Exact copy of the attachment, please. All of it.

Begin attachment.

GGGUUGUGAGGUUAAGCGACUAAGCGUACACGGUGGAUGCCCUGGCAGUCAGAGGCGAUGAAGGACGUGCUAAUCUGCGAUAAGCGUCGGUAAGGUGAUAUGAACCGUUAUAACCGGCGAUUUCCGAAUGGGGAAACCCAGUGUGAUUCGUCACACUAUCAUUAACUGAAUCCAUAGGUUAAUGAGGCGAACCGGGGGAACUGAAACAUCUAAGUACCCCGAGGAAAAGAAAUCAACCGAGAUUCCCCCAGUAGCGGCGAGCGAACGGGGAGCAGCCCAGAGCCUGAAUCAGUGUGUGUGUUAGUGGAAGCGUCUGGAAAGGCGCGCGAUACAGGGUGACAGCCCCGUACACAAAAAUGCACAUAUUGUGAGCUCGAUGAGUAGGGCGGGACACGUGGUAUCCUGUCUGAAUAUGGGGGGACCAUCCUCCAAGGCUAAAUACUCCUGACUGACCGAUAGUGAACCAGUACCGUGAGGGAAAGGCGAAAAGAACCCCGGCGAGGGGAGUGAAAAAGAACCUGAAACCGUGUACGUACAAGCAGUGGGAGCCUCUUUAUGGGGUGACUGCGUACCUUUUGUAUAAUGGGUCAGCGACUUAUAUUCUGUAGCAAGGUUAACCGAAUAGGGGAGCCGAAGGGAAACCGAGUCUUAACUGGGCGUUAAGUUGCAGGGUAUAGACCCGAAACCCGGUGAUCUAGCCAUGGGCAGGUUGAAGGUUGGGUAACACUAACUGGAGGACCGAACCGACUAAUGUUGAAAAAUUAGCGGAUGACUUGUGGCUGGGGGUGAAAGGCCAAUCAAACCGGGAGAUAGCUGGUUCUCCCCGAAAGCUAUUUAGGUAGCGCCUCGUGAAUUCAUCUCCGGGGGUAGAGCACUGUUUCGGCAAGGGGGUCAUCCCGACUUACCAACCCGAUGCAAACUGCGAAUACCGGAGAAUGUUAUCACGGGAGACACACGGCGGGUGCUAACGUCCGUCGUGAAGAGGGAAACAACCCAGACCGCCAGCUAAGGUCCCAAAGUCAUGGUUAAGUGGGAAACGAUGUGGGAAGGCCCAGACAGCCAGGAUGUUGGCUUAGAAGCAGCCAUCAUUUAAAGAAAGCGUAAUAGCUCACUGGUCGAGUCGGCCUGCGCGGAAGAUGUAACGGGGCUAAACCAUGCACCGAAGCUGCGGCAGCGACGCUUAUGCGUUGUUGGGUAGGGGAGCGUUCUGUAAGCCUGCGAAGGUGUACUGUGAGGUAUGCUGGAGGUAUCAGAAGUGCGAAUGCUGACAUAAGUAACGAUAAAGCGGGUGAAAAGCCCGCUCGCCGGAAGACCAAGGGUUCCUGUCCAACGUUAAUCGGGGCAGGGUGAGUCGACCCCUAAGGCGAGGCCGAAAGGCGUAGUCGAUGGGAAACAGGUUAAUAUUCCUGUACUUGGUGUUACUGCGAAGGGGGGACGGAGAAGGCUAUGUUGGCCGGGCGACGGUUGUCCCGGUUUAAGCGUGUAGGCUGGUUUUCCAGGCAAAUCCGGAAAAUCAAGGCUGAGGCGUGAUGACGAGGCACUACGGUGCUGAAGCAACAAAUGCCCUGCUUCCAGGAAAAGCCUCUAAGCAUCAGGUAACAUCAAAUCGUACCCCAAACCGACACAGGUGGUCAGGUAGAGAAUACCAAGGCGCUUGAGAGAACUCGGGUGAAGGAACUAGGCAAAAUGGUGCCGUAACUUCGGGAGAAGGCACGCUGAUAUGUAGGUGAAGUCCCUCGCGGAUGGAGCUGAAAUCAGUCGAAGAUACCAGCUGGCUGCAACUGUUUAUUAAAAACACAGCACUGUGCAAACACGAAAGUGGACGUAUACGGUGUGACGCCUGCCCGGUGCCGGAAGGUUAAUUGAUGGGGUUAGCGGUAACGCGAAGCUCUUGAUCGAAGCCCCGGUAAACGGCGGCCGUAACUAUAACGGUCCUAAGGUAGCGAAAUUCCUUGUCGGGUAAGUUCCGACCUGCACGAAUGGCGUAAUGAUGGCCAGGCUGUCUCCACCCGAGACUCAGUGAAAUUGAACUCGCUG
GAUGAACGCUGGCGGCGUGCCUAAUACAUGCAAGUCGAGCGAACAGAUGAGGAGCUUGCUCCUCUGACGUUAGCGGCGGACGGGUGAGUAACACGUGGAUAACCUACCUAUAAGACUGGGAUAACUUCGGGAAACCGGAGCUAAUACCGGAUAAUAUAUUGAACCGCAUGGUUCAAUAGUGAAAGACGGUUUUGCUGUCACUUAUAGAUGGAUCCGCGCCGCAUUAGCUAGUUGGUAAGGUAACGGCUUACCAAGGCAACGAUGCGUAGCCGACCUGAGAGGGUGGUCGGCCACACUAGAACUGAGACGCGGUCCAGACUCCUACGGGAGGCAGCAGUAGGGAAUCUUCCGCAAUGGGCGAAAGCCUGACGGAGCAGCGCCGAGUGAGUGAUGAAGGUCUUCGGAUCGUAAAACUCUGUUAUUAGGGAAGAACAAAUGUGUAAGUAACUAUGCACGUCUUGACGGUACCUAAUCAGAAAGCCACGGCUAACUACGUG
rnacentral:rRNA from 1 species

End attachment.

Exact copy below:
GGGUUGUGAGGUUAAGCGACUAAGCGUACACGGUGGAUGCCCUGGCAGUCAGAGGCGAUGAAGGACGUGCUAAUCUGCGAUAAGCGUCGGUAAGGUGAUAUGAACCGUUAUAACCGGCGAUUUCCGAAUGGGGAAACCCAGUGUGAUUCGUCACACUAUCAUUAACUGAAUCCAUAGGUUAAUGAGGCGAACCGGGGGAACUGAAACAUCUAAGUACCCCGAGGAAAAGAAAUCAACCGAGAUUCCCCCAGUAGCGGCGAGCGAACGGGGAGCAGCCCAGAGCCUGAAUCAGUGUGUGUGUUAGUGGAAGCGUCUGGAAAGGCGCGCGAUACAGGGUGACAGCCCCGUACACAAAAAUGCACAUAUUGUGAGCUCGAUGAGUAGGGCGGGACACGUGGUAUCCUGUCUGAAUAUGGGGGGACCAUCCUCCAAGGCUAAAUACUCCUGACUGACCGAUAGUGAACCAGUACCGUGAGGGAAAGGCGAAAAGAACCCCGGCGAGGGGAGUGAAAAAGAACCUGAAACCGUGUACGUACAAGCAGUGGGAGCCUCUUUAUGGGGUGACUGCGUACCUUUUGUAUAAUGGGUCAGCGACUUAUAUUCUGUAGCAAGGUUAACCGAAUAGGGGAGCCGAAGGGAAACCGAGUCUUAACUGGGCGUUAAGUUGCAGGGUAUAGACCCGAAACCCGGUGAUCUAGCCAUGGGCAGGUUGAAGGUUGGGUAACACUAACUGGAGGACCGAACCGACUAAUGUUGAAAAAUUAGCGGAUGACUUGUGGCUGGGGGUGAAAGGCCAAUCAAACCGGGAGAUAGCUGGUUCUCCCCGAAAGCUAUUUAGGUAGCGCCUCGUGAAUUCAUCUCCGGGGGUAGAGCACUGUUUCGGCAAGGGGGUCAUCCCGACUUACCAACCCGAUGCAAACUGCGAAUACCGGAGAAUGUUAUCACGGGAGACACACGGCGGGUGCUAACGUCCGUCGUGAAGAGGGAAACAACCCAGACCGCCAGCUAAGGUCCCAAAGUCAUGGUUAAGUGGGAAACGAUGUGGGAAGGCCCAGACAGCCAGGAUGUUGGCUUAGAAGCAGCCAUCAUUUAAAGAAAGCGUAAUAGCUCACUGGUCGAGUCGGCCUGCGCGGAAGAUGUAACGGGGCUAAACCAUGCACCGAAGCUGCGGCAGCGACGCUUAUGCGUUGUUGGGUAGGGGAGCGUUCUGUAAGCCUGCGAAGGUGUACUGUGAGGUAUGCUGGAGGUAUCAGAAGUGCGAAUGCUGACAUAAGUAACGAUAAAGCGGGUGAAAAGCCCGCUCGCCGGAAGACCAAGGGUUCCUGUCCAACGUUAAUCGGGGCAGGGUGAGUCGACCCCUAAGGCGAGGCCGAAAGGCGUAGUCGAUGGGAAACAGGUUAAUAUUCCUGUACUUGGUGUUACUGCGAAGGGGGGACGGAGAAGGCUAUGUUGGCCGGGCGACGGUUGUCCCGGUUUAAGCGUGUAGGCUGGUUUUCCAGGCAAAUCCGGAAAAUCAAGGCUGAGGCGUGAUGACGAGGCACUACGGUGCUGAAGCAACAAAUGCCCUGCUUCCAGGAAAAGCCUCUAAGCAUCAGGUAACAUCAAAUCGUACCCCAAACCGACACAGGUGGUCAGGUAGAGAAUACCAAGGCGCUUGAGAGAACUCGGGUGAAGGAACUAGGCAAAAUGGUGCCGUAACUUCGGGAGAAGGCACGCUGAUAUGUAGGUGAAGUCCCUCGCGGAUGGAGCUGAAAUCAGUCGAAGAUACCAGCUGGCUGCAACUGUUUAUUAAAAACACAGCACUGUGCAAACACGAAAGUGGACGUAUACGGUGUGACGCCUGCCCGGUGCCGGAAGGUUAAUUGAUGGGGUUAGCGGUAACGCGAAGCUCUUGAUCGAAGCCCCGGUAAACGGCGGCCGUAACUAUAACGGUCCUAAGGUAGCGAAAUUCCUUGUCGGGUAAGUUCCGACCUGCACGAAUGGCGUAAUGAUGGCCAGGCUGUCUCCACCCGAGACUCAGUGAAAUUGAACUCGCUG
GAUGAACGCUGGCGGCGUGCCUAAUACAUGCAAGUCGAGCGAACAGAUGAGGAGCUUGCUCCUCUGACGUUAGCGGCGGACGGGUGAGUAACACGUGGAUAACCUACCUAUAAGACUGGGAUAACUUCGGGAAACCGGAGCUAAUACCGGAUAAUAUAUUGAACCGCAUGGUUCAAUAGUGAAAGACGGUUUUGCUGUCACUUAUAGAUGGAUCCGCGCCGCAUUAGCUAGUUGGUAAGGUAACGGCUUACCAAGGCAACGAUGCGUAGCCGACCUGAGAGGGUGGUCGGCCACACUAGAACUGAGACGCGGUCCAGACUCCUACGGGAGGCAGCAGUAGGGAAUCUUCCGCAAUGGGCGAAAGCCUGACGGAGCAGCGCCGAGUGAGUGAUGAAGGUCUUCGGAUCGUAAAACUCUGUUAUUAGGGAAGAACAAAUGUGUAAGUAACUAUGCACGUCUUGACGGUACCUAAUCAGAAAGCCACGGCUAACUACGUG
rnacentral:rRNA from 1 species